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The Sport of Professional Arm Wrestling

Updated on September 13, 2016
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Readmikenow likes sports. Professional, amateur and unique. He especially likes true sports stories of courage and overcoming adversity.

Two people interlock their hands as their elbow touch a flat surface. Each stare deeply into the others eyes. They suddenly begin to use their strength to push the others hand down onto the table. Arm wrestling is no longer a sport for amateurs in bars, college dorms or parties. It is now a professional sport. There are arm wrestling tournaments that award winners substantial cash prizes. It's come a long way from its origins on the American Frontier.

History

Different variations of the sport we call arm wrestling were practiced during the 1800s. Sometimes it was referred to as “Indian wrestling.” In one version the opponents would stand facing one another. They would have the outer portion of their right foot touch their opponent's right foot. They would then take each others hand with the goal of knocking the other person off balance. Arm wrestling has changed quite a bit since then. Today, it is recognized as a popular international sport with trained athletes.

Growing Popularity

The first organized arm wrestling tournament took place in 1952. A young journalist named Bill Soberanes started the Northern California arm wrestling championship. It took place in Gilardi's saloon located in Petaluma, CA. Soberanes joined forces with Dave Devoto in 1962 to create the World's Wristwrestling Championship, Inc. The arm wrestling championship tournament took place in the biggest auditorium in Petaluma that year. The ABC show Wide World of Sports began broadcasting arm wrestling championships during the 1969 season. The shows were some of the highest rated for the program. In 1974 the World Professional Arm wrestling Association (WPAA) was formed. Their first championships were held in December of 1974, and the television network CBS paid $10,000 to broadcast it.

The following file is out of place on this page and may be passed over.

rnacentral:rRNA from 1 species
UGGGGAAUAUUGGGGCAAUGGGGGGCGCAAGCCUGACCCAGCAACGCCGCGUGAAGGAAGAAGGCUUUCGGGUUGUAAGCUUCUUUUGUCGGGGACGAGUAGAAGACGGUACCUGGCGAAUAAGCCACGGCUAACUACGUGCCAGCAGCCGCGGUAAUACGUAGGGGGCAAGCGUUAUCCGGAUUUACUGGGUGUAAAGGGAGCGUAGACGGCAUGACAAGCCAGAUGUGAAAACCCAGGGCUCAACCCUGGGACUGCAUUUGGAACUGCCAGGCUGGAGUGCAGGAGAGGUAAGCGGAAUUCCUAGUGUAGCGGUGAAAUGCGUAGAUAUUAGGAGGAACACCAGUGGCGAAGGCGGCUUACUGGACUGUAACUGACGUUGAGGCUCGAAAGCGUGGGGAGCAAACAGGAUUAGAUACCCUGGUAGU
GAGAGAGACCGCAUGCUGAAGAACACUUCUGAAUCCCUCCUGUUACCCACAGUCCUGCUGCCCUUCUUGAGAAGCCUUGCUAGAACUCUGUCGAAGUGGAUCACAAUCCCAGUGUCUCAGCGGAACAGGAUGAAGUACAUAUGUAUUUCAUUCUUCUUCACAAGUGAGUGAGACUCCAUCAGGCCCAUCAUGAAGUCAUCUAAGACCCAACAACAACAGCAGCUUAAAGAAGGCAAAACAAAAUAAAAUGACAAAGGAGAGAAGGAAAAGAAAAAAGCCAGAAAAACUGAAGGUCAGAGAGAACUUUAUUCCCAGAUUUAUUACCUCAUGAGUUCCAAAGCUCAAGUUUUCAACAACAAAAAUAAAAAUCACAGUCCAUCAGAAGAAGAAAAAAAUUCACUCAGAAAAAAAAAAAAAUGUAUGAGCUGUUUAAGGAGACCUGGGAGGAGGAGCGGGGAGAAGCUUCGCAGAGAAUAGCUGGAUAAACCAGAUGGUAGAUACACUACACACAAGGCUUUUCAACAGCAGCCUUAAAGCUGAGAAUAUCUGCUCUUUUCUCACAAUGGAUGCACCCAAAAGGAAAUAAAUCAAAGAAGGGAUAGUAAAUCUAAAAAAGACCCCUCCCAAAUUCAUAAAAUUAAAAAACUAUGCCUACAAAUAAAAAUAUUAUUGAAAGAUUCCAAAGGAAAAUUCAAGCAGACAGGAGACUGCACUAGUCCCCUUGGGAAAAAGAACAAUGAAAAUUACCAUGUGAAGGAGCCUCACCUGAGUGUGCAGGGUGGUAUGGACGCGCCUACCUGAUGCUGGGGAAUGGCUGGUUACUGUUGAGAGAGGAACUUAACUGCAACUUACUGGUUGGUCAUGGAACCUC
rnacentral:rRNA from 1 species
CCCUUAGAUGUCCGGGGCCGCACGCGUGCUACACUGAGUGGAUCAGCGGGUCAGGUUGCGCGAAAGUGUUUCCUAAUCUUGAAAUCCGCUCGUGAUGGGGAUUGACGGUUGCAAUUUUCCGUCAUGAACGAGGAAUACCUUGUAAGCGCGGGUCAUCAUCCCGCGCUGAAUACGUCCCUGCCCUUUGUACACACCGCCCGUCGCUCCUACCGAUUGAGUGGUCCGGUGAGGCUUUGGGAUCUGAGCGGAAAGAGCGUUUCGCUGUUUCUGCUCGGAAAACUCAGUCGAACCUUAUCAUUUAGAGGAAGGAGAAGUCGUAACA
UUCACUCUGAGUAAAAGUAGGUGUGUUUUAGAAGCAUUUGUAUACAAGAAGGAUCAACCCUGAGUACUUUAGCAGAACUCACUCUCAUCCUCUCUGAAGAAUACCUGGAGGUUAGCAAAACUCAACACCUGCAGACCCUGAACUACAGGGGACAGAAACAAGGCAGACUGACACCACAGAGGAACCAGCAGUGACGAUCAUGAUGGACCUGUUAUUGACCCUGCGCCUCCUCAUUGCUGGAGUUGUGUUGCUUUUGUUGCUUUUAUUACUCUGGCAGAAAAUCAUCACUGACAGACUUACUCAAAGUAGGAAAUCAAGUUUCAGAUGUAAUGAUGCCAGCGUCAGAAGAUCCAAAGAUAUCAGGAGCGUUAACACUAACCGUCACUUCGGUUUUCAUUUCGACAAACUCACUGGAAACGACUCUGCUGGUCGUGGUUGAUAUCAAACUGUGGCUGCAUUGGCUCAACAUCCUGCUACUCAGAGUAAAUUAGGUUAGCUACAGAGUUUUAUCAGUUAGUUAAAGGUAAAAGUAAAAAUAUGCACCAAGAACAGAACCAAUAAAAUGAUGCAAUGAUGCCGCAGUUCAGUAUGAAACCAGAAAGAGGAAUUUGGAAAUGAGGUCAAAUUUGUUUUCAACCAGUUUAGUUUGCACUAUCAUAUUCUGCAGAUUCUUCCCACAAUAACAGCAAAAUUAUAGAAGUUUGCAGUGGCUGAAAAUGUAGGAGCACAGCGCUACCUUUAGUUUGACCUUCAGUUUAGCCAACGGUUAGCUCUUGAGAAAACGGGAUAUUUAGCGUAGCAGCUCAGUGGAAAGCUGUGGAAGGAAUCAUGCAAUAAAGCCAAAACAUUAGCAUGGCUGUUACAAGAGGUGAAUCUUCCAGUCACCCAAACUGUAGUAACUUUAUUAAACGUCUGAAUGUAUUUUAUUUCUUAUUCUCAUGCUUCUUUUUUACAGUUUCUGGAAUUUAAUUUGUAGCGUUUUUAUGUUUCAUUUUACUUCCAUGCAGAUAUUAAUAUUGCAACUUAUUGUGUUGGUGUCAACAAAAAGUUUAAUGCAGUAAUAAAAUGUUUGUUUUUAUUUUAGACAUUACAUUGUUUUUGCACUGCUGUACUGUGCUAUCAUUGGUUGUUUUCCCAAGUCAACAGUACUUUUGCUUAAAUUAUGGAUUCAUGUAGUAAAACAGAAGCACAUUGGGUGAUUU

Rules

Since its beginning there have been a variety of rules for participants in arm wrestling championships. During the first four seconds, only a competitors arm can move. Shoulders have to remain still until the second command to go is given. If competitors hands slip a part twice, they must then begin with a power lock. This is when opponents wrists are touching at the start. An arm wrestling referee makes certain the rules are obeyed during each match.

Innovations

During the 1970s arm wrestling tables were first used for championships. Another innovation was the collapsible arm wrestling table. This was able to be taken down and used in different parts of a building holding a tournament. Tables used today have a cup for a participant's elbow to rest. A bar sticks up next to the elbow rest. This is for a participant to hold with their other hand during the are wrestling competition.

Athletes

Professional arm wrestlers train hard to compete in competitions. Some are able to bench press over 600 pounds. They also are able to do one-armed curls with weights of up to 160 pounds. Some of the training involves push-ups and other exercises to develop arm muscles. Many have training diets and are in excellent athletic condition.

Prize Money

At a recent arm wrestling competition, there were over over 650 participants in various weight categories. Top prize money was over $49,000. There are hundreds of professional arm wrestling tournaments held around the world each year.

Competition Structure

People can compete in arm wrestling tournaments as teams. There are male and female arm wrestling divisions. Competitors are paired up based on weight classes. There are right handed and left handed competitions. Some professional arm wrestlers are able to compete using both arms. The United States Armwrestling Federation (USAF) is an umbrella organization that has unified the arm wrestling organization in the United States.

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